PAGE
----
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A different sort of pilgrimage

By Janet Harron

Going on a pilgrimage has long been a way to strengthen one's faith. For centuries, the faithful have travelled to the Holy Land. The French town of Lourdes has been a destination for those looking for miraculous cures since the mid-1800s. Devout Muslims travel to Mecca, the centre of the Islamic world and Buddhists visit Lumbini, the birthplace of Buddha in west-central Nepal.

And then there are those that make regular pilgrimages to a place where they can forget their worries and be a kid – like the Magic Kingdom as envisioned by Walt Disney.

"Religion is more than church attendance or a belief in God," said Dr. Jennifer Porter, associate professor of religious studies in the Faculty of Arts. "Many people would say that religion is a system for providing definitions of what it means to be good and evil and a system for defining what it means to be a human being."

According to Dr. Porter, who is interested in how Disney defines these things, "virtually every Disney film" addresses questions surrounding the nature of sin and whether redemption is possible.

She offers up the 1940 film Pinocchio as a key example of the Disney philosophy.

"Pinocchio is told that if he is honest and truthful and brave, he too can be a real boy," explained Dr. Porter, who received a SSRHC standard research grant to study Disney and its culture. "Throughout the film, Pinocchio is given bad advice and good advice and must decide between the two. He becomes the arbiter of his own morality, which I think is a really significant message."

Dr. Porter is interested in studying more than the messages of Disney itself. She also focuses on its core audience and fan communities.

"Many people are critical of media for their influence and of Disney in particular for the messages they promulgate – such as the princess image – but no one has ever demonstrated whether and how the messages impact the audience in either a negative or positive way," Dr. Porter said, who plans to utilize discussion boards and attend conventions to speak directly to Disney fans.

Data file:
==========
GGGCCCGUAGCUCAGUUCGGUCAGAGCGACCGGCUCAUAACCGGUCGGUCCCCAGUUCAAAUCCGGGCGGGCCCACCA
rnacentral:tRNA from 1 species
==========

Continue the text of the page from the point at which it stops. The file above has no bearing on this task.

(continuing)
Since the Disney Corporation is notoriously controlling of their image and how the audience sees them, Dr. Porter plans to engage with fans in unofficial spaces.

"I want to examine how they negotiate their own meanings and their own relationships to Disney."

As Dr. Porter explains it, the Disney world view can completely "suck you in."
With theme parks in Florida, California, Paris, Japan, and Hong Kong (with one opening soon in Shanghai), visitors to the parks get a physical sense of ending up in a new space.

"You literally cross a boundary from one world to another. In Florida in particular, you go from cracked to pristine roads, from dried out grass to manicured gardens – even the road signs change colour ... you know you're not in Kansas anymore," said Dr. Porter, whose academic interest in religion and pop culture began when she was a graduate student.

Dr. Porter plans on visiting each theme park on days that coincide with online community meetings in order to have one-on-one time with the fans. Since Disney also defines ethnicities and what it means to be American versus European versus Asian, Dr. Porter feels that emphasizing this global reach has added an international dimension to her research.